In July 2002, I qualified a highly competitive national entrance test for enrollment into master at National Center Human Genome Studies and Research, India. I was fortunate to do research for my master’s degree under the excellent mentorship of Drs. Tapas Mukhopadhyay and Rajnikant Mishra. While pursuing my masters, I learned various aspects of genetics and molecular biology. My master’s thesis described the development of a novel strategy for in vivo ligation and gene transfer using bacterial cells as a model system. This cloning method involved a high throughput gene transfer without the utilization of any restriction enzymes and was based on homologous recombination technology. I had an opportunity to present these findings at an annual Cell Biology meeting in India. During my masters, I visited various national research institutes and gathered experience and on research different technologies. This program laid the foundation and motivated me to pursue a career in biomedical research and to enter a graduate program.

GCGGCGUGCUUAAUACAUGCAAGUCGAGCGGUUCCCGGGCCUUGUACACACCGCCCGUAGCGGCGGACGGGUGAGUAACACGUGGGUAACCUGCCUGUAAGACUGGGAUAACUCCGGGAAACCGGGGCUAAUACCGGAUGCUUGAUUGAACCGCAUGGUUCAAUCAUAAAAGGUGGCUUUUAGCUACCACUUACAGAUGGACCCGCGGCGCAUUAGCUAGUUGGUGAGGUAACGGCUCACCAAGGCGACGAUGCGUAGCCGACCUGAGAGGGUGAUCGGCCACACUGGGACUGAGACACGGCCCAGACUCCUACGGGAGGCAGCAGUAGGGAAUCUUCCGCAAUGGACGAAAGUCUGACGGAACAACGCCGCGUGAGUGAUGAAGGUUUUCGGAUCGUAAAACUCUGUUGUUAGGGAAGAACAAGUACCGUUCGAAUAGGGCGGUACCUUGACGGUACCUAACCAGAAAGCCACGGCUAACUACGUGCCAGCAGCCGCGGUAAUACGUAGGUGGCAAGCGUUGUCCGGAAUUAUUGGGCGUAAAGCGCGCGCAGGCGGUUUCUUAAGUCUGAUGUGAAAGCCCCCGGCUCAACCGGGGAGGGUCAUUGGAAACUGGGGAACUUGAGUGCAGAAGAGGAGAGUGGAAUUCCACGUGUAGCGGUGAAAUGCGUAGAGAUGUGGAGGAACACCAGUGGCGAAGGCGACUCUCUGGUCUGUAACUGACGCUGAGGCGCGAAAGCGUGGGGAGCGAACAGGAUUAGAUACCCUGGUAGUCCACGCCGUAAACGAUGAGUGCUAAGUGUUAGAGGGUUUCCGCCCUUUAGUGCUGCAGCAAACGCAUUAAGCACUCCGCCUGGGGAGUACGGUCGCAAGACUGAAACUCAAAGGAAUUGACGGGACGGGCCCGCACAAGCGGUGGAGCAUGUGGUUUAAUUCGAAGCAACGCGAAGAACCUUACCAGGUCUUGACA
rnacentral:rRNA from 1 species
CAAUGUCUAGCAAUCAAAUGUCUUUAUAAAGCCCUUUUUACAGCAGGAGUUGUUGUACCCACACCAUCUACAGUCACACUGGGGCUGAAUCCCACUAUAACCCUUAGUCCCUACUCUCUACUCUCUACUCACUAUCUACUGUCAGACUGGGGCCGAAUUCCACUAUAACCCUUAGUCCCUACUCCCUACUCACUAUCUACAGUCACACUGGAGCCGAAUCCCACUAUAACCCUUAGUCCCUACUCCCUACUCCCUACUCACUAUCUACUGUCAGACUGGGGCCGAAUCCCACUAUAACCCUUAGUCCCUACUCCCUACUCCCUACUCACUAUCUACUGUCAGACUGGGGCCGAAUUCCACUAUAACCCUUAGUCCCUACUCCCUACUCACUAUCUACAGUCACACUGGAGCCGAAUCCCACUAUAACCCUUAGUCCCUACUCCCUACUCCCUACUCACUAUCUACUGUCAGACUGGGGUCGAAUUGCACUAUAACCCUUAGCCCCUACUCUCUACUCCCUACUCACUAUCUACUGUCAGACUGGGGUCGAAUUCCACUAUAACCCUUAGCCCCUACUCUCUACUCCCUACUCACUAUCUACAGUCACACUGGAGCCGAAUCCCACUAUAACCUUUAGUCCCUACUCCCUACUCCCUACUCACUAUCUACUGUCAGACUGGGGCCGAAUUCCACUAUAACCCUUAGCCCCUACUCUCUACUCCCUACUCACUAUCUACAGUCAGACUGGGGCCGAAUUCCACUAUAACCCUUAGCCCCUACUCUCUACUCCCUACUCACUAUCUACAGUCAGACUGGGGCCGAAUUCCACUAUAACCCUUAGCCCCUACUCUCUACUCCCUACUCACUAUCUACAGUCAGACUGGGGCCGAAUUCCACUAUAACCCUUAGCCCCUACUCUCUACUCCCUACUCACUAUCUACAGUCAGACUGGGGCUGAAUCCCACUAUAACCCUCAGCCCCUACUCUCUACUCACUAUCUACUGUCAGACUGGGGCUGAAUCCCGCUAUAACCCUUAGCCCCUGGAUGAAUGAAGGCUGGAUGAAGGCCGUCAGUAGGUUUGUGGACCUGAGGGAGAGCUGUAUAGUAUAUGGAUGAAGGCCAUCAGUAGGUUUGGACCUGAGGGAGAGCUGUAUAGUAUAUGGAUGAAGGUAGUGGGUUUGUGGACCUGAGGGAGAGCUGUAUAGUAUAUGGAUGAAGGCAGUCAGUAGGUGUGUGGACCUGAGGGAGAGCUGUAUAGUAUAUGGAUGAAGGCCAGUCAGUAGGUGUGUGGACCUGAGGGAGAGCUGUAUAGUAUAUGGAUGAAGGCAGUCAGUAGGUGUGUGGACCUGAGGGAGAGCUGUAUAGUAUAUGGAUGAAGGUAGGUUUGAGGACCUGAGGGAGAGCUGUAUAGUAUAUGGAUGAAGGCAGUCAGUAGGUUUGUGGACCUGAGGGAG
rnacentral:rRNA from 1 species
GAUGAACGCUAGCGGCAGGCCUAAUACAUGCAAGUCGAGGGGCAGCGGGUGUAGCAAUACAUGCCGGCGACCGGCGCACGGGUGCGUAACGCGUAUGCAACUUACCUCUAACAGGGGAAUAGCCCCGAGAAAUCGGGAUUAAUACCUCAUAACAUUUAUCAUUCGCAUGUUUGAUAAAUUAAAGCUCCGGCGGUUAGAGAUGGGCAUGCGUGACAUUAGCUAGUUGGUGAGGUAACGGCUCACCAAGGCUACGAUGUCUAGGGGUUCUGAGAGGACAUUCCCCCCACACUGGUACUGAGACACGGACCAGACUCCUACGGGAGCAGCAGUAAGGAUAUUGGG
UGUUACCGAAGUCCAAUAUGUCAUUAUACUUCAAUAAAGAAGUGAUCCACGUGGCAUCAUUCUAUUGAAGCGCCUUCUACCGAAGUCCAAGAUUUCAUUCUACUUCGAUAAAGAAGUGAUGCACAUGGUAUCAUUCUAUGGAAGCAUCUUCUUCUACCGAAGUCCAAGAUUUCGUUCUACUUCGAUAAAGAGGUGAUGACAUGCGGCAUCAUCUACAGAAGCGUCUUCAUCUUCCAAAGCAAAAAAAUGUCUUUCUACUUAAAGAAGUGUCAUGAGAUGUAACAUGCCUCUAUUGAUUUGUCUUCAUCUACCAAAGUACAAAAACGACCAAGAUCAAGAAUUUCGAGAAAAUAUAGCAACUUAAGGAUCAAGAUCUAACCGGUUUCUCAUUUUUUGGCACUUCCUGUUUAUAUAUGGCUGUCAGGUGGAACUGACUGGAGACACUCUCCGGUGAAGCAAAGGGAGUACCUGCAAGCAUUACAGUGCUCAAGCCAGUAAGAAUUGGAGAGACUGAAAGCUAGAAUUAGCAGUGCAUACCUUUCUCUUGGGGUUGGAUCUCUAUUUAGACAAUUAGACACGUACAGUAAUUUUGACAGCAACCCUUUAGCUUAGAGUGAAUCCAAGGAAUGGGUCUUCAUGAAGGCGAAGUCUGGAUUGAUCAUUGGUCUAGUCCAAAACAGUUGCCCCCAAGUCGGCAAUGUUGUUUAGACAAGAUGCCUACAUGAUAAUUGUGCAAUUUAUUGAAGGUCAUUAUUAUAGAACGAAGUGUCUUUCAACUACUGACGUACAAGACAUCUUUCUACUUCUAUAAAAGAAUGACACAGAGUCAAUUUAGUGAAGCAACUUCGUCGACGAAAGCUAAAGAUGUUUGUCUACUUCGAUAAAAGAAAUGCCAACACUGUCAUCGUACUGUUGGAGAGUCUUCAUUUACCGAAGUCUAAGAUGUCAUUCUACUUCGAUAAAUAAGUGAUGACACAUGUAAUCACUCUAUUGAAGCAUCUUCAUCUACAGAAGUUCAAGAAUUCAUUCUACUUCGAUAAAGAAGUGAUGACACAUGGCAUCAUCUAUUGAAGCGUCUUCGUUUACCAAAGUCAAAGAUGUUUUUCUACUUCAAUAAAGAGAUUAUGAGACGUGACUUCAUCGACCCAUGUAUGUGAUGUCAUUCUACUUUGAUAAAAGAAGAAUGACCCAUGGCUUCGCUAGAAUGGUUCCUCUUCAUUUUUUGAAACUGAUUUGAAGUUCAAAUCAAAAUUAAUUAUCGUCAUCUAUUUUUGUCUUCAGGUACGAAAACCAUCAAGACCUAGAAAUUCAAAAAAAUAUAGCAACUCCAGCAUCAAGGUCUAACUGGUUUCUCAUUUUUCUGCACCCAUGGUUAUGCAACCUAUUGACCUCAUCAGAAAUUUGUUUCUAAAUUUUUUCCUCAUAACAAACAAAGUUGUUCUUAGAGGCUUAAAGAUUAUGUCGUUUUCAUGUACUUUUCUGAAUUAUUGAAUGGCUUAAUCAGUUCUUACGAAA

During my M.S program, I heard a seminar by Dr. Deepak Kaul and was completely captivated by his work, which describes the role of small molecules and epigenetic changes that regulate gene transcription in diseases. I approached him and joined as a research assistant in his laboratory at Post Graduate Institute of Medical Education and Research (PGIMER), India. Initially, I determined the role transcriptional regulation of PPAR-γ in human immunomodulatory cells using siRNA technology. This study proposed that PPAR-γ gene has the inherent capacity to inﬂuence the lipid-mediated inﬂammation process. Another project I was involved identified novel microRNA (hiv1-mir-H1) coded by HIV genome and its role in modulating expression of apoptosis antagonizing transcription factor (AATF) in HIV-positive patients. Together, these projects culminated into two publications in Molecular and Cellular Biochemistry and Proceedings-Indian National Science Academy. After completing these projects in the role of epigenetic factors in gene regulation, I continued to focus on this field.